Invasive Species Compendium

Detailed coverage of invasive species threatening livelihoods and the environment worldwide

Abstract

Burkholderia solanacearum. [Descriptions of Fungi and Bacteria].

Abstract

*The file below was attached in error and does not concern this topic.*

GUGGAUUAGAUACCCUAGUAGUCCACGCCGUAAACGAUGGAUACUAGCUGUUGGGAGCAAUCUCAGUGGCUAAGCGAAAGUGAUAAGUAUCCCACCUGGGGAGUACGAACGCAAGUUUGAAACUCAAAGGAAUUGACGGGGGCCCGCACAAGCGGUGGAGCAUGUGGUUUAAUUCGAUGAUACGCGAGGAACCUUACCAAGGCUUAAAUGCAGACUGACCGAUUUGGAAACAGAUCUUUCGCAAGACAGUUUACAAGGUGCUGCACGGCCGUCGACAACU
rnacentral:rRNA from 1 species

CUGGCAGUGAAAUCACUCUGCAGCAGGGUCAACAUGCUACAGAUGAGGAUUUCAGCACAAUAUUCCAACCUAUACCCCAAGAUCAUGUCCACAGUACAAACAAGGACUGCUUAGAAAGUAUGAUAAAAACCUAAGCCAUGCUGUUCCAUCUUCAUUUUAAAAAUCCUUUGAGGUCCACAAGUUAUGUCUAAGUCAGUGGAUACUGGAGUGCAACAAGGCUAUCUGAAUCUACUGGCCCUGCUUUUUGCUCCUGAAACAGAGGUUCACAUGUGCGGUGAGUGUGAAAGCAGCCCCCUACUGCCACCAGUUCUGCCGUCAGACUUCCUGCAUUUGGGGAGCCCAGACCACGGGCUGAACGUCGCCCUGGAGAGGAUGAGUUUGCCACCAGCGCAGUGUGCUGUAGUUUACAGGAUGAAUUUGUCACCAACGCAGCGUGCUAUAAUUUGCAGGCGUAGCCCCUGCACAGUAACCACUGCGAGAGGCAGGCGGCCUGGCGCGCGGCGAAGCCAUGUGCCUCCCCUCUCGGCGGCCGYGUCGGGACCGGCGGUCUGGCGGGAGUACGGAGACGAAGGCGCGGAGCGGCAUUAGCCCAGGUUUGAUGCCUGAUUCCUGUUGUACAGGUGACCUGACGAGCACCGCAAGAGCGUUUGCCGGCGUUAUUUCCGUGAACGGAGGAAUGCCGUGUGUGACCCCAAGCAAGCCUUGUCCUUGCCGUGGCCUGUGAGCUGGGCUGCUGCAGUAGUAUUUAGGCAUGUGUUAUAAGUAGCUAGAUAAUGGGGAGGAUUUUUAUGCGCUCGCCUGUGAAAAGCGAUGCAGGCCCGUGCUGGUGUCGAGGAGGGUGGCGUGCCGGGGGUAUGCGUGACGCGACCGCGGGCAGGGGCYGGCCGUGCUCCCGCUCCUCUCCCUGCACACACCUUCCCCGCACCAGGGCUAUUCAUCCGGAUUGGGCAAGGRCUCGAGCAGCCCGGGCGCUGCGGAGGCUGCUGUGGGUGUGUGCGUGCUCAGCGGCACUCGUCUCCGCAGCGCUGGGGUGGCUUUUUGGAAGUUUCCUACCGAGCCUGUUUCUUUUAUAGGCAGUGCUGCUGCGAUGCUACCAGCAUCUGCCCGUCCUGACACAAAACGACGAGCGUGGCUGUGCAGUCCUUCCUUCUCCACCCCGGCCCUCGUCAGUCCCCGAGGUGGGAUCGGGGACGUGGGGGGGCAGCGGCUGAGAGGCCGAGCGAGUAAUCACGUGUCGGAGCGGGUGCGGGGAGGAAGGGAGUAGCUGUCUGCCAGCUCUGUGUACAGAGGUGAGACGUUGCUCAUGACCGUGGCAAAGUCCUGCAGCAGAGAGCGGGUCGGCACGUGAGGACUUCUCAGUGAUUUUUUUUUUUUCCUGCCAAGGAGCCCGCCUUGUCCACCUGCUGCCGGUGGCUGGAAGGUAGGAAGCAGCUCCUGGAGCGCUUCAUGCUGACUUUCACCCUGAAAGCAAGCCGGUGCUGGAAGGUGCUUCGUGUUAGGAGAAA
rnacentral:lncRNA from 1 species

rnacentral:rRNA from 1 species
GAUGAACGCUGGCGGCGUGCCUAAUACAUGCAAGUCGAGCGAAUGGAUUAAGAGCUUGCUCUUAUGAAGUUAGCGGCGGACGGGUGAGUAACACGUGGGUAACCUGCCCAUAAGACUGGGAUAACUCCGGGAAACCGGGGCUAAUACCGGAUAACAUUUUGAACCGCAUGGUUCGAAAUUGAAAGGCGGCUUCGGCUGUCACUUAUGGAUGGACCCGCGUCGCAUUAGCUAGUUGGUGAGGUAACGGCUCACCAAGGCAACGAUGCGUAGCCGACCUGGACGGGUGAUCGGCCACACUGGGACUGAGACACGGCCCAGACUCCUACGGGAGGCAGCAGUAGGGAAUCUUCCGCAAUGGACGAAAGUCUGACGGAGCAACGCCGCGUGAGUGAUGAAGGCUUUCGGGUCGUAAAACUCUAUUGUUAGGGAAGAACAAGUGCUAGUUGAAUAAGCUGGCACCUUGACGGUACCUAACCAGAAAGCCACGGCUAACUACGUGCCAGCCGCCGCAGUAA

A description is provided for Burkholderia solanacearum. Information is included on the disease caused by the organism, its transmission, geographical distribution, and hosts. HOSTS: The host range is one of the widest of all the phytopathogenic bacteria. The most susceptible plant family, in terms of numbers of species affected is the Solanaceae; over fifty other plant families contain susceptible species. The most economically significant hosts are listed here. For a more complete listing see Kelman (1953), Bradbury (1986) and Hayward & Hartman (1994). Arachis hypogaea, Capsicum spp., Gossypium hirsutum, Ipomoea batatus, Lycopersicon esculentum, Manihot esculenta, Musa spp., Nicotiana spp., Solanum melongena, Solanum tuberosum & Zingiber officinale. DISEASE: Bacterial wilt. Infection is systemic, producing a wilt of parts or the whole plant. Vascular system may become discoloured, bacterial ooze can be produced and plants may be stunted and chlorotic. GEOGRAPHICAL DISTRIBUTION: Widespread in tropical, subtropical and warm temperate regions of the world (see data sheets on quarantine pests). TRANSMISSION: A variety of modes of transmission exist which are host dependant. Infected planting material and true seed is responsible for the spread of bacterial wilt of banana, ginger, groundnut, potato and tomato, whilst transport of latently infected in seedlings (stawberry) and the actions of insect (Moko disease of banana) and weather (tobacco) have all been implicated. For a review see Kelman et al. (1994).